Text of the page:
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Intel’s New GPUs Challenge Nvidia’s Data Center Dominance

Shane Snider

Future platforms will mash x86 CPU technology with GPUs, which will allow for more flexibility and performance options, Intel says.

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Intel Tuesday unveiled Rialto Bridge and Falcon Shores - new GPU platforms the company says will enhance performance and efficiency for high performance computing needs in the data center market.

The Santa Clara, Calif.-based semiconductor powerhouse announced the new chips during the ISC 2022 event in Germany. Rialto Bridge is aimed at artificial intelligence (AI) and high-performance compute (HPC) workloads, promising significantly increased density, performance, and efficiency over the already impressive Ponte Vecchio – the company’s first data center GPU effort. Rialto Bridge is aiming for a mid-2023 release.

Intel plans to follow Rialto Bridge to Falcon Shores, which will mash x86 with GPU technology into a single socket, which the company says will produce performance improvements by five times over current GPU platforms. Falcon shores is targeted for a 2024 release, the company said. Falcon Shores’ unique architecture will allow multiple tiles to be used on a single socket, something Intel’s Jeff McVeigh, vice president and general manager of the Super Compute Group, says will allow more flexibility for customers to maximize performance for their own needs.

“I do think it’s a revolutionary change,” McVeigh told reporters during a press briefing. “What’s different here is making sure that you can pick and place different tiles and interfaces – so you can adapt over time.”

GPUs have become indispensable for supercomputing tasks that involve AI training, drug research, financial modeling, and medical imaging. While CPU-driven tasks are still driven by x86 technology (and Intel’s Xeon chips), the GPU game has been heavily dominated by Nvidia with AMD following closely behind. In the teraflop speed race, Ponte Vecchio was positioned between AMD and Nvidia’s most recent offerings at 45TFLOPS.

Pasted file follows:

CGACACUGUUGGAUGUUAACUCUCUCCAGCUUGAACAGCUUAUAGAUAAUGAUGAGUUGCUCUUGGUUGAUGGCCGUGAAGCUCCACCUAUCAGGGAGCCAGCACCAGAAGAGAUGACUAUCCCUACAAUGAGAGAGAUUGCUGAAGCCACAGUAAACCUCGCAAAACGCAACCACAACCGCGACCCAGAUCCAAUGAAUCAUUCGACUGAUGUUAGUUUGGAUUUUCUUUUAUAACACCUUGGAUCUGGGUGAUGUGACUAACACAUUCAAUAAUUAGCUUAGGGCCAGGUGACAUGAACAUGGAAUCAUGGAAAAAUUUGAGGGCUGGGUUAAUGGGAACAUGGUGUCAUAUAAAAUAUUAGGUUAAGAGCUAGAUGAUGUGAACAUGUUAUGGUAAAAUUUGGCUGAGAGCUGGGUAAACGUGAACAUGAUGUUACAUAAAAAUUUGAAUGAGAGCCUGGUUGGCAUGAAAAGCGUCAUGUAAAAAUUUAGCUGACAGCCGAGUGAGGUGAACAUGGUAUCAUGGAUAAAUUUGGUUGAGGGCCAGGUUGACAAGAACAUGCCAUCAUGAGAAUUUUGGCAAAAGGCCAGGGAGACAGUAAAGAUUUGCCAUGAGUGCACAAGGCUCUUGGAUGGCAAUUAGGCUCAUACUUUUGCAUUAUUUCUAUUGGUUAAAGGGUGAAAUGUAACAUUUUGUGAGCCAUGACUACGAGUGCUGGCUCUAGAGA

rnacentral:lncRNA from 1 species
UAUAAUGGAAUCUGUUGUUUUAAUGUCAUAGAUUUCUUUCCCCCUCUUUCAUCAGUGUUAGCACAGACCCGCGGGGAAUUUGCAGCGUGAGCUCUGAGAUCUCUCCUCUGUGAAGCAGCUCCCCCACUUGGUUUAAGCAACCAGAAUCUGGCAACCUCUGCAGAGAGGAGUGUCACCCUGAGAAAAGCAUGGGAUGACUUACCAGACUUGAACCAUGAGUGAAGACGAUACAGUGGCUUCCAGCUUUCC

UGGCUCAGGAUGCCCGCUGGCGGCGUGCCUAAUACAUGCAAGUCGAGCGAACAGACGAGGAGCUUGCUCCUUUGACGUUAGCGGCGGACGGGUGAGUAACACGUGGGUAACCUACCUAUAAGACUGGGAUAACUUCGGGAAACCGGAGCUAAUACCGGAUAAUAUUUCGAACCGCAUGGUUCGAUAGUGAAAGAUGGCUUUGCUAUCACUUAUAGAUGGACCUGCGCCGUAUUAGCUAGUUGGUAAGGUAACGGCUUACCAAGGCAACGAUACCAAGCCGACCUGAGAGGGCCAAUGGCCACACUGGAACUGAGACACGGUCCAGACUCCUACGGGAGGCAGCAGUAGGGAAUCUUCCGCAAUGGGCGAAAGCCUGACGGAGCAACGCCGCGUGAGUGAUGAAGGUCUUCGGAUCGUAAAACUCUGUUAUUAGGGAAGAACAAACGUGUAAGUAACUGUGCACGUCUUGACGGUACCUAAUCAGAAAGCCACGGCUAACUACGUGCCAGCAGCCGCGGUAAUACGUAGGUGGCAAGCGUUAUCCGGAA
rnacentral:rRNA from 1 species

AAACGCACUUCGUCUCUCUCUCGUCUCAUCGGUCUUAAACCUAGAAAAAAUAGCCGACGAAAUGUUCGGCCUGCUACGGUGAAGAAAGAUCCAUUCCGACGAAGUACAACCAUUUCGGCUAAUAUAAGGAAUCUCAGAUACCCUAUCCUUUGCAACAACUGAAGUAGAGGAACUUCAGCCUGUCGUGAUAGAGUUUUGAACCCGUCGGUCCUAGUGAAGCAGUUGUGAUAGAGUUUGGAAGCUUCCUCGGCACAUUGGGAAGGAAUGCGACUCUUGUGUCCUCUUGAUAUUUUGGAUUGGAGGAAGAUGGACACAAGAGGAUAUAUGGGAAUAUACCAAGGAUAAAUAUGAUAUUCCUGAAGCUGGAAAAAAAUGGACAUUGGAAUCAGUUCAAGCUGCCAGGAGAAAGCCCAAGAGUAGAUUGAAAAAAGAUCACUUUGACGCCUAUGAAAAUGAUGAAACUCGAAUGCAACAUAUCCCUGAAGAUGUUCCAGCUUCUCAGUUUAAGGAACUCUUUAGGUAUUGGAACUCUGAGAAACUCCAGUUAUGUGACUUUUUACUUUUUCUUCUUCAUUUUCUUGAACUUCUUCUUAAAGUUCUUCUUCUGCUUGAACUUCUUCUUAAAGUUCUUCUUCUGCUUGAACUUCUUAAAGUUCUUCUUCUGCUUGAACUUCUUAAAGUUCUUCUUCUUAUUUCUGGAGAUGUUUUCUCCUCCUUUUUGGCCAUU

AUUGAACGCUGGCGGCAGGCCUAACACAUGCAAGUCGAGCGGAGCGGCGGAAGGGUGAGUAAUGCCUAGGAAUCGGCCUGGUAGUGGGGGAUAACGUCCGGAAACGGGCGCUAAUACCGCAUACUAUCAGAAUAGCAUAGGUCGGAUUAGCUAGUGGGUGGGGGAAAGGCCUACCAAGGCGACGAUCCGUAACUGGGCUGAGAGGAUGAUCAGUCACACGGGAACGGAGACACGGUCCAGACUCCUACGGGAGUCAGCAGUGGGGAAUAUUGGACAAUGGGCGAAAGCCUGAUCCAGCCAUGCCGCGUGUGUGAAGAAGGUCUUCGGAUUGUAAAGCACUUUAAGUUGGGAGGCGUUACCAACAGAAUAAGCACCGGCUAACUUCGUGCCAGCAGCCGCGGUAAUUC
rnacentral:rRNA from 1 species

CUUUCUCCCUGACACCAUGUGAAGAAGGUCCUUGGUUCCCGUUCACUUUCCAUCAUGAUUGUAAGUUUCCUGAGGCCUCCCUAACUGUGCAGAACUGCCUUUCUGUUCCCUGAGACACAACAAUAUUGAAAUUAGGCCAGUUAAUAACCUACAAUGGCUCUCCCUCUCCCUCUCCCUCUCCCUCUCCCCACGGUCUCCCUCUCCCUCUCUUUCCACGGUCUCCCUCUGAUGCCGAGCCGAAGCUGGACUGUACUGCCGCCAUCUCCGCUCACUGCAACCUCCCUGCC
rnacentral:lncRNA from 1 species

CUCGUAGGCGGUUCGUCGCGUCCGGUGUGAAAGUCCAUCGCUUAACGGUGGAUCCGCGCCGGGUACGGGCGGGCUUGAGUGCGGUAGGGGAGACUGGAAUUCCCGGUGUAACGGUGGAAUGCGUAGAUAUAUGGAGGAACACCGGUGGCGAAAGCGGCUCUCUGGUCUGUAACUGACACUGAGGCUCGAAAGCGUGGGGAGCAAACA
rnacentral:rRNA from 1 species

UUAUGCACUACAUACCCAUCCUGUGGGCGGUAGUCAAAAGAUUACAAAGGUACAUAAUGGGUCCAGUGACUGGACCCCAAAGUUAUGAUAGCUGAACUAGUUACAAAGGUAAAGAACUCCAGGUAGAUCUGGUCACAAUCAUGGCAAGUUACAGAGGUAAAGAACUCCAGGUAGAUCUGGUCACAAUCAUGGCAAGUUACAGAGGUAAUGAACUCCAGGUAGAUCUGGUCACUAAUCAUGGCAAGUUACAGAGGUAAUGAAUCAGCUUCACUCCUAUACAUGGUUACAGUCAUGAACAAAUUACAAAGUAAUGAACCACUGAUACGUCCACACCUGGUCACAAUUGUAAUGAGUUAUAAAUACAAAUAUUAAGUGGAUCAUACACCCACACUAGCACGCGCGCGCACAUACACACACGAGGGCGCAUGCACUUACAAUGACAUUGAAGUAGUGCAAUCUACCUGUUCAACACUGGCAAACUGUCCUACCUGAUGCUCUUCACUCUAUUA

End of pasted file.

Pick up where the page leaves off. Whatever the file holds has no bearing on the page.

Kent Tibbils, vice president of marketing for Intel distributor ASI Corp. in Fremont, Calif., said the three giants’ race for data center compute dominance is great for all players. “The industry always benefits when competitive forces are chasing each other. I think there’s a lot of interest from companies for the new Intel offerings. But it will have to be good. But this looks to put Intel on a level playing field for GPUs.”

But what data center partners are equally excited about is the introduction of Intel’s unifying developer software named oneAPI, which will automatically pick the appropriate Intel silicon for a given task. Tibbils said Nvidia’s CUDA toolkit will be a tough competitor to overcome, especially with legacy users. “CUDA has been in the market for decades,” he said. “But there are really strong opportunities there for new use cases – something where someone is doing something new that requires this level of computing.”

Tibbils said Intel will need to be competitive with pricing as well as attractive specs. “They can be a little slow to react on the pricing side,” he said. “Here, I think they are going to need to get in there and be really competitive on price.”

Dominic Daninger, vice president of engineering at Burnsville, Minn.-based Nor-Tech, also pointed to CUDA’s position in the data center market. “I do think Intel will have a real challenge to displace Nvidia in much of the GPU accelerator market due to the fact that Nvidia has such a head start with CUDA. We have a lot of customers that have a ton of work invested in CUDA and most are reluctant to move to something else,” he said in an email to CRN.

CRN reached out to Nvidia for comment.

Roger Kay, technology analyst and founder Endpoint Technologies Associates, said the GPU roadmap is still a little out-of-focus – the company will probably slowly release details on their chip roadmap as the game unfolds. “They’ve given a peek at coming products and they will probably only begin to talk about more specifics,” he said, noting that Intel’s attempt to wrest market away from Nvidia will unfold over years, not months. “In this game, Intel is playing catch-up ball,” he said. “This transition is probably going to be more like a ten-year period.”

Kay said the companies will battle it out for the future of supercomputing for a long time. “Intel doesn’t have to win every battle,” he said. “It just has to win some.”

Shane Snider

Shane Snider is a senior associate editor covering personal computing, mobile devices, semiconductor news, hardware reviews, breaking news and live events. Shane is a veteran journalist, having worked for newspapers in upstate New York and North Carolina. He can be reached at ssnider@thechannelcompany.com.

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